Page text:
White dwarfs—the hot, burned-out remains of ordinary stars—are very common in the universe, and weird. (Our very own sun will become a white dwarf in a few billion years, too.) Imagine something the size of Earth, but 300,000 times more massive, glowing white-hot and bright enough to be seen far away despite its tiny size. “It’s just a pixel of light,” Noemi Giammichele, an astronomer at the University of Toulouse, told The Daily Beast. “I find it really amazing all the information we can gather just from that one tiny dot.”
Made of pure carbon and oxygen with only a thin haze of other atoms acting as its atmosphere, white dwarfs certainly aren’t like anything we can make in a lab on Earth. But Giammichele used seismology to measure “dwarfquakes”to not only understand the internal structure of these white dwarfs but also the future expansion rate of our universe.
“It’s a fine-tuning of everything we know about white dwarfs,” Giammichele said. “We can better tune some physical processes that happen way before the white dwarf phase: the sun how it really is right now, and how it will be when it’s a white dwarf.”
The birth of a white dwarf
Stars like the sun shine by nuclear fusion, turning hydrogen atoms into helium deep in their interiors thanks to the crushing pressure and extreme temperature are provided by the star’s big mass. (We can’t do that on Earth easily, so fusion here needs more complicated—and expensive—processes.) Eventually they use up the available hydrogen, and begin fusing helium into carbon and oxygen.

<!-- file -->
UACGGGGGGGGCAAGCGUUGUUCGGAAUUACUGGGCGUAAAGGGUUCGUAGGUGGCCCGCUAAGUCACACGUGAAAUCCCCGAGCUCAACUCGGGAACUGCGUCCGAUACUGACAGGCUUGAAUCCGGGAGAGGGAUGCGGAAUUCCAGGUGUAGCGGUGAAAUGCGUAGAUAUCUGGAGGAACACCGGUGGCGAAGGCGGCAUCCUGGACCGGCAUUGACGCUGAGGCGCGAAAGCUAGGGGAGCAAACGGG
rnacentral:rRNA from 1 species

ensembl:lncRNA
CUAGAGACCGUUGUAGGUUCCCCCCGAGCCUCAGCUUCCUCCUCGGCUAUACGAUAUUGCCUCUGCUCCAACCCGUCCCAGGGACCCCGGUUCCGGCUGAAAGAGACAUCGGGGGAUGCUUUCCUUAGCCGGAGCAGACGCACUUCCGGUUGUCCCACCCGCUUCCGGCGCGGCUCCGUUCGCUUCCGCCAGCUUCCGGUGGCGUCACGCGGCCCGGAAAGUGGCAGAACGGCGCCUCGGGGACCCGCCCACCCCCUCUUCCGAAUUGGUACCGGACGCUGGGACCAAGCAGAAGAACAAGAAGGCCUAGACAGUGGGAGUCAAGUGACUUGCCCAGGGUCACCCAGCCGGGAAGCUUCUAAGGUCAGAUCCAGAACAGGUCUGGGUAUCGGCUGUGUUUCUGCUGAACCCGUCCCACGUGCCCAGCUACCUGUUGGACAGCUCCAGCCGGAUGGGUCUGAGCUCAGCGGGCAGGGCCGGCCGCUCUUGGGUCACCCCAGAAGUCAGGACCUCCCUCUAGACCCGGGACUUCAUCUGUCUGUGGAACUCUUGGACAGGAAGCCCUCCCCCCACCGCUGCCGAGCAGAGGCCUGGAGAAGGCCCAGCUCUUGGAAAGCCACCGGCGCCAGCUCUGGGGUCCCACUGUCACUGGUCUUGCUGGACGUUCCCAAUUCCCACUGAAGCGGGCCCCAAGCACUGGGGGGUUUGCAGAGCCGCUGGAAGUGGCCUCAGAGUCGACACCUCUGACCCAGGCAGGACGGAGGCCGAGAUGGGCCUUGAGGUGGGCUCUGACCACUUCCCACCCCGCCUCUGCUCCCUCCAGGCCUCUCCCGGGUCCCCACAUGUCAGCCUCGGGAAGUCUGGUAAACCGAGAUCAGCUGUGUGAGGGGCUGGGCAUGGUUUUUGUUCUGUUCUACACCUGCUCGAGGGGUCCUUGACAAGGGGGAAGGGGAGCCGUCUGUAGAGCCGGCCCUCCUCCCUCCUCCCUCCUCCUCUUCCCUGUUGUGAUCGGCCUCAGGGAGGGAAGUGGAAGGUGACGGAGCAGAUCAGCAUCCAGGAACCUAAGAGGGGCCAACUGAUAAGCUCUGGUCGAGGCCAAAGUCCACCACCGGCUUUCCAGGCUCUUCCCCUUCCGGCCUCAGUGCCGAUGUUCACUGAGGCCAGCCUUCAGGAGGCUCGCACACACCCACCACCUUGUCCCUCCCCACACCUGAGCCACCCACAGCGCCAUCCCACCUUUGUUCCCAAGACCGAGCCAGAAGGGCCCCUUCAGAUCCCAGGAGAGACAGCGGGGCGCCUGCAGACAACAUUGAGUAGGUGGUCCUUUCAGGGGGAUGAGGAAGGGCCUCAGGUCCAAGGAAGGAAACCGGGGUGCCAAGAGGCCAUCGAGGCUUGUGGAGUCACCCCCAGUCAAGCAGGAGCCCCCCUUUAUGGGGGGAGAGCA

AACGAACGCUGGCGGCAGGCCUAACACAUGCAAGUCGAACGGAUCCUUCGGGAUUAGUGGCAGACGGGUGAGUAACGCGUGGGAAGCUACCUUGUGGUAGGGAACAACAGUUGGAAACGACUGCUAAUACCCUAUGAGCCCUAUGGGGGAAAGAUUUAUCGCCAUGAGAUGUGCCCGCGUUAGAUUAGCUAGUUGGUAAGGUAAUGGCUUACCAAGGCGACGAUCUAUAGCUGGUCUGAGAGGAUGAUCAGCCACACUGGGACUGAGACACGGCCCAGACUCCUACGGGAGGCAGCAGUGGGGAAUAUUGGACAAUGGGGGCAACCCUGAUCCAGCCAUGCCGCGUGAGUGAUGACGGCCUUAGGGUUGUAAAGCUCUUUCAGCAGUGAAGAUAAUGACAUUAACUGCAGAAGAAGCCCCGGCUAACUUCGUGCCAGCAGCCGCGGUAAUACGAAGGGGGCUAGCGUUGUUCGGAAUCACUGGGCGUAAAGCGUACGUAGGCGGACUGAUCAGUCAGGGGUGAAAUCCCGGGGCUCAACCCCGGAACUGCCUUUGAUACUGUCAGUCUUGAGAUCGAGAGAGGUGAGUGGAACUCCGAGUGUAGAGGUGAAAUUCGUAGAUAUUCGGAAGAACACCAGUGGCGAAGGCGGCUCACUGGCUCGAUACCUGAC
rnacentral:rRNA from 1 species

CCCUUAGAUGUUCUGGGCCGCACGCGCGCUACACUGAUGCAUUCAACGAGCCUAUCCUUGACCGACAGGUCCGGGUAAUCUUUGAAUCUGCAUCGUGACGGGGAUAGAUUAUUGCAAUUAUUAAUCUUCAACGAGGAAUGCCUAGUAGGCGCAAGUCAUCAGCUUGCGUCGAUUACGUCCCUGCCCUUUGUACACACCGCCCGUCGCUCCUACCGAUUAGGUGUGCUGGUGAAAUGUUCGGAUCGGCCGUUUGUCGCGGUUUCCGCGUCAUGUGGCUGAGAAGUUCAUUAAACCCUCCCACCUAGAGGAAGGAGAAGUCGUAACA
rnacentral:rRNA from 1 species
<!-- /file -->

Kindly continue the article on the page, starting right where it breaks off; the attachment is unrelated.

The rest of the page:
For the vast majority of stars, including the Sun, that’s the end of the road—they aren’t massive enough to build up enough pressure to fuse atoms into heavier elements. At that point, they shed their outer layers, and the core they leave behind becomes a white dwarf (though they can range in color from blue-white to orange, depending on how hot they are). Even though fusion is over, they have enough residual heat to glow for many billions or trillions of years. In fact, the universe isn’t old enough yet for any white dwarfs to burn out.
While their glow fades, they change. Something made of glass can crack or break if it changes temperature quickly, as the atoms inside adjust positions. A white dwarf isn’t solid like glass, but as it cools off, jostling atoms set off off vibrations inside. Even though a white dwarf is denser than any rock on Earth, it’s more like a fluid than a solid, so these “white dwarfquakes” send off waves of higher or lower temperatures that ripple across the surface of the white dwarf. Even though we can’t see those waves directly, even with our most powerful telescopes, the fluctuations in temperature result in flickering in the white dwarf’s light.